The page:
This week I conclude a discussion regarding creating and sustaining an organizational culture where people work well together and are supportive of one another. Along the way I have also been careful to point out that these brief blogs are unashamedly short – and correspondingly limited in thorough content.
Even so, there are at least three factors that must be understood and embraced by each member of a functioning enterprise in order to maximize relational harmony, consistency, and effectiveness.
Rather than recount each principle, it is simpler to refer back to the preceding series where, by selecting a link below, it is possible to read each factor in more detail than is possible to spell out in compressed fashion here.
The factors that must be in play in a healthy relational environment include at least the following:
1. Each person is known as and regards each other team members as a fellow-colleagues (click for detail)
2. Each person is known as and regards each other team members as a fellow-workers (click for detail)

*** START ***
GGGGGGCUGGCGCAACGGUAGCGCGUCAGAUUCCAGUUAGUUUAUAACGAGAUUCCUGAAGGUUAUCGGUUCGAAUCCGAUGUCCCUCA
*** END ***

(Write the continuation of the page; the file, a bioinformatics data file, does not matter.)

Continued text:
3. Each person is known as and regards each other team members as a fellow-mission-partners (click for detail)
Of course, the central factor (not mentioned above) is leadership.
Human organizations require leaders who will establish and maintain a productive relational culture. Each of the three attributes and attitudes toward other team-members noted above must be instilled and continuously reinforced – by leadership. Even more importantly, these attributes must be modelled by the leader through their regard and treatment of the team members they lead.
On the one hand, this 3-part equation is reduced through this blog into the simplest of terms; yet on the other hand, actual implementation is clearly an art as well as a science. And so once again we arrive at a fundamental supposition of this series: leadership is dynamic and, at every point, it takes Courage to Lead.
Photo Credit: Arnold Exconde